Formerly just known as L.O.T.I.O.N. (thanks to a weird lawsuit) we find these NYC cybernetic mayhem merchants realizing the potential on their prior releases over the last six years—the production values have been sharpened and the lyrical themes more fully developed resulting in an end product that might be one of the most sonically devastating records I’ve heard in years. Technocratic paranoia melded with a fear of nuclear terror snarled over a soundtrack that would make the good years of the Feederz and Ministry bow down in reverence. Ridiculously good.
Physique, The Rhythm of Brutality 10” (Static Shock/Distort Reality)
Hard charging, dis-bones, chaos noise punk attack—if you know me, you know I love it. Total Disclose meets Atrocious Madness style hammer-to-face, brutal hardcore—seven songs of merciless noise-not-music. If you are a fan of their prior releases, this is a no brainer, but for the unfamiliar it’s a great starting point. As they put it, “Silence is Death, We Make Noise,” and what a beautiful cacophony of noise it is.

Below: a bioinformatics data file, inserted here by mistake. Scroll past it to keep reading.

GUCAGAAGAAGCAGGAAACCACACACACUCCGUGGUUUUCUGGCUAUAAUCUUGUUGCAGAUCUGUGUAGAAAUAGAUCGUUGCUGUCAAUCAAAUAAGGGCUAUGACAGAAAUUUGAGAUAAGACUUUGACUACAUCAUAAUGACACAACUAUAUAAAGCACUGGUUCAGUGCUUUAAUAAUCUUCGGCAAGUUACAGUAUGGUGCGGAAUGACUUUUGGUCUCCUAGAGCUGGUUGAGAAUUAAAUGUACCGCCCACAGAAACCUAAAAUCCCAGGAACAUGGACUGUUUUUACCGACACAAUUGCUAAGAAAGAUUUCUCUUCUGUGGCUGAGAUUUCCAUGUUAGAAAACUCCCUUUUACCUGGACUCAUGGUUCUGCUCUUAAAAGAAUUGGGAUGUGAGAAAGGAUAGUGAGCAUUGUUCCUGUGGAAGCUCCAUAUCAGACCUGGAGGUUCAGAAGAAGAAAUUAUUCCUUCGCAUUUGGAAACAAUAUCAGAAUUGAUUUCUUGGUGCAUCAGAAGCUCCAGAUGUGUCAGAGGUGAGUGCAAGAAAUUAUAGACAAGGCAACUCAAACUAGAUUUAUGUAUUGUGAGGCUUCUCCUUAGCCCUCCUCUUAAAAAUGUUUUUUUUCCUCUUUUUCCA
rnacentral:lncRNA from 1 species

Protocol, Bloodsport 12” (11PM Records)
What is going on in Florida these days? The legion of brilliant hardcore bubbling out of the Sunshine State these days is just mind-boggling. Subtitled, A Celebration of Violence, Protocol’s debut slab of vinyl is a thunderously heavy and violent aural assault. Thick slabs of guitars and drums backing up a snarling, vicious vocal attack with lyrics exploring the implications of the racist history of the United States on the lives of people living in today’s world. At five songs, it’s almost too short a release but one leaving you wanting more.
Rocky & the Sweden, City Baby Attacked By Buds LP (F.O.A.D./Break the Records)
Well, its been 20 years since their last LP and thankfully they didn’t turn into navel gazing indie rock or grooved out mosh metal—instead, these Japanese hardcore legends release an LP filled with track after track of sweltering, riff soaked, Burning Spirits style hardcore. It cooks along at a relentless pace, soaked in hooks and powerful guitar licks—it bursts at the seams with energy, ironic given their affection for smoking gargantuan amounts of weed. Sure, they are former members of Headless, Bastard, Systematic Death, Idora but even without that pedigree you should be paying attention.